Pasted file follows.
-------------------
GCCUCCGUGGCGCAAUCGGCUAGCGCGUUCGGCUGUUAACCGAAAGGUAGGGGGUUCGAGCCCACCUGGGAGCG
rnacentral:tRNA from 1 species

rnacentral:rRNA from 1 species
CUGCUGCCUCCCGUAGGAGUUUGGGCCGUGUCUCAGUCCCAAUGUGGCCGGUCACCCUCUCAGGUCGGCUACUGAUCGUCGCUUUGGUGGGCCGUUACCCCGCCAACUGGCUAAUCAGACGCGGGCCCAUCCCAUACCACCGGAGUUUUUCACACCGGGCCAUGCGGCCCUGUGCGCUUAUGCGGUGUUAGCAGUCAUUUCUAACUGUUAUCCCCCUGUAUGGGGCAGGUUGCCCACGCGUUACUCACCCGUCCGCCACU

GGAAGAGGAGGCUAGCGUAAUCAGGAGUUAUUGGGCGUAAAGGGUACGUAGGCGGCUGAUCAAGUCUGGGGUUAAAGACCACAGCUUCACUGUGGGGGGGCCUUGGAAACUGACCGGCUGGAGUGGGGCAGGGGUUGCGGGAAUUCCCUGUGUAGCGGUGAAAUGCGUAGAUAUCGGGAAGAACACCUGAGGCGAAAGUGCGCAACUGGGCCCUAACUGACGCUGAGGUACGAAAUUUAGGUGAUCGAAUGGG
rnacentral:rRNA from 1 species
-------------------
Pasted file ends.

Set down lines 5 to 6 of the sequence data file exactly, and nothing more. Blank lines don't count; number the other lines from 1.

GGAAGAGGAGGCUAGCGUAAUCAGGAGUUAUUGGGCGUAAAGGGUACGUAGGCGGCUGAUCAAGUCUGGGGUUAAAGACCACAGCUUCACUGUGGGGGGGCCUUGGAAACUGACCGGCUGGAGUGGGGCAGGGGUUGCGGGAAUUCCCUGUGUAGCGGUGAAAUGCGUAGAUAUCGGGAAGAACACCUGAGGCGAAAGUGCGCAACUGGGCCCUAACUGACGCUGAGGUACGAAAUUUAGGUGAUCGAAUGGG
rnacentral:rRNA from 1 species